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Raised-Bed Gardening: Do It Yourself

May 30th, 2009

This spring, prompted in part by a desire to waste less of my productivity, and in part by the novelty of the idea, and in part by the cred I stand to gain among greenies, I decided I wanted to start my own vegetable garden.  However, my backyard is on the North half of the property, so the shadows cast by the house and the garage, combined with those case by three large, 50+ year old trees (I think Maples) growing one on each lot line, and one big old White Burch growing in the South-Central region,keep my yard in near constant shade.

This is very nice for hanging out and barbecuing, but effectively useless for growing a vegetables garden, although I do have a patch of chives, and some basil, and oregano growing back there.  It seemed all hope was lost — until I beheld the awesome power of the internets, and found myself learning about square foot gardening and other raised-bed, intensive techniques.

So I built a box about 5 feet long and 20 inches wide out of some salvage 2 x 10 that I found in the garage rafters, fastened the sides together with drywall screws, and covered the bottom with the remainder of the 2 x 10s, leaving about 1/4 inch between each board for drainage.  I also drilled some 3/4 inch holes at interval across the bottom.  The box rests on 2 x 4 legs.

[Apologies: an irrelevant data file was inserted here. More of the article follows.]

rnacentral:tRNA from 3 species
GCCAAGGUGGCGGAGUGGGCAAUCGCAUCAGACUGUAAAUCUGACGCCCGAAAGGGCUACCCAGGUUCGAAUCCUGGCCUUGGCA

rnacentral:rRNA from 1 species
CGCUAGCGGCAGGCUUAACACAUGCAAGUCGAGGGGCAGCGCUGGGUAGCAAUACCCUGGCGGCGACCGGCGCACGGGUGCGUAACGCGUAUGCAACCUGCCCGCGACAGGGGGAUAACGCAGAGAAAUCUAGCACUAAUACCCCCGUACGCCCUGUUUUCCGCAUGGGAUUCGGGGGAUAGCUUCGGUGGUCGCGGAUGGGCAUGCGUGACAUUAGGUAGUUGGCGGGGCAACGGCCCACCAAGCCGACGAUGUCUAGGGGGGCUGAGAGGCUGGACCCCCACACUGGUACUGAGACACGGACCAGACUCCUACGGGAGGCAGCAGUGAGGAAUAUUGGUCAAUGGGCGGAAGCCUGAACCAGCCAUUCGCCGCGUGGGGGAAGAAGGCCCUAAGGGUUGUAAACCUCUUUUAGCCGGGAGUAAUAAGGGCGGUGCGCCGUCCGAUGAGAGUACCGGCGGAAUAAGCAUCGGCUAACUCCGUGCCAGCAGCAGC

square foot garden

Now, the “square foot” approach seems like more effort than I’m prepared to undertake, at least this year. Instead, I just threw a bunch of soil, some peat moss that some friends left behind when they moved, some good mulch, and mixed it up.  Then I proceeded to just cram it full of naturey-goodness, paying no particular attention to spacing or whatever.  I’m sure I could get a better yield if I tried harder, but like I said, this first time is more of a lark than anything.  Next year I plan to take it a bit more seriously.

In the top left, hidden behind the bell peppers in the bottom left, are two cucumber plants already sprouting whatever it is that yields num num later in the year.  The bell peppers have begun to flower nicely, and the hot peppers planted adjacent are also doing nicely.  Above the hot peppers is a cherry tomato plant on which I noticed the first flowers earlier this week.  I threw some onions in the mix, too.

The second bin contains spinach.  From the little that I read, spinach sucks all nutrients out of the soil so it is best to keep separate from most other vegetables.  So I did that.

The third bin (which may be subdivided later) has not been planted yet, but I’ve got a large tomato plant with flowers, and I’m looking to pick up another one at the market tomorrow perhaps.  I have about 40 more onions that need planting soon, and I’m also considering carrots or potatoes or some other root vegetable.  There is also a peat-pot with Mint growing, which might be transplanted to clay and left to grow inside the kitchen window, in order to satisfy my summer love for Mojitos.